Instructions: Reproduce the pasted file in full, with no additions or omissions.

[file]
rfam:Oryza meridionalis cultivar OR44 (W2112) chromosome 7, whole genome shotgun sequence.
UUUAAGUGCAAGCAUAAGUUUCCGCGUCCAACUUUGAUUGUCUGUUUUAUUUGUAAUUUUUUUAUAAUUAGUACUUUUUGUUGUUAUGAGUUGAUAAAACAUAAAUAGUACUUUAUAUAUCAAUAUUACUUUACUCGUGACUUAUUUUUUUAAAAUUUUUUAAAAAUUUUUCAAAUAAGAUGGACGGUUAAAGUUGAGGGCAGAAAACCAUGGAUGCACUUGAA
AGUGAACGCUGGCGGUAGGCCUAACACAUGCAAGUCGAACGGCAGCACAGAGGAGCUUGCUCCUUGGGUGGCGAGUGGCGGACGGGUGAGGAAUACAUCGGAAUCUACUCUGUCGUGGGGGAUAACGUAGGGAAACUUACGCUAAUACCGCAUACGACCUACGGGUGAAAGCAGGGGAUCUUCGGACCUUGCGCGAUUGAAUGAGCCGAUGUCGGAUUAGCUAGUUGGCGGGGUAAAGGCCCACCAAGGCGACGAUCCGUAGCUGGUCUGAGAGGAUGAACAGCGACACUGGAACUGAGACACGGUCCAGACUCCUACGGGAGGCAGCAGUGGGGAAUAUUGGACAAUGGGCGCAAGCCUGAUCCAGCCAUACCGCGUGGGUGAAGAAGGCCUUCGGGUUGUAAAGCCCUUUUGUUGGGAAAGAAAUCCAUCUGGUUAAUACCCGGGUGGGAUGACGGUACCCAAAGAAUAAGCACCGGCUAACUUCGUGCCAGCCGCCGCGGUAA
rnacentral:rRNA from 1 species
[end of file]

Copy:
rfam:Oryza meridionalis cultivar OR44 (W2112) chromosome 7, whole genome shotgun sequence.
UUUAAGUGCAAGCAUAAGUUUCCGCGUCCAACUUUGAUUGUCUGUUUUAUUUGUAAUUUUUUUAUAAUUAGUACUUUUUGUUGUUAUGAGUUGAUAAAACAUAAAUAGUACUUUAUAUAUCAAUAUUACUUUACUCGUGACUUAUUUUUUUAAAAUUUUUUAAAAAUUUUUCAAAUAAGAUGGACGGUUAAAGUUGAGGGCAGAAAACCAUGGAUGCACUUGAA
AGUGAACGCUGGCGGUAGGCCUAACACAUGCAAGUCGAACGGCAGCACAGAGGAGCUUGCUCCUUGGGUGGCGAGUGGCGGACGGGUGAGGAAUACAUCGGAAUCUACUCUGUCGUGGGGGAUAACGUAGGGAAACUUACGCUAAUACCGCAUACGACCUACGGGUGAAAGCAGGGGAUCUUCGGACCUUGCGCGAUUGAAUGAGCCGAUGUCGGAUUAGCUAGUUGGCGGGGUAAAGGCCCACCAAGGCGACGAUCCGUAGCUGGUCUGAGAGGAUGAACAGCGACACUGGAACUGAGACACGGUCCAGACUCCUACGGGAGGCAGCAGUGGGGAAUAUUGGACAAUGGGCGCAAGCCUGAUCCAGCCAUACCGCGUGGGUGAAGAAGGCCUUCGGGUUGUAAAGCCCUUUUGUUGGGAAAGAAAUCCAUCUGGUUAAUACCCGGGUGGGAUGACGGUACCCAAAGAAUAAGCACCGGCUAACUUCGUGCCAGCCGCCGCGGUAA
rnacentral:rRNA from 1 species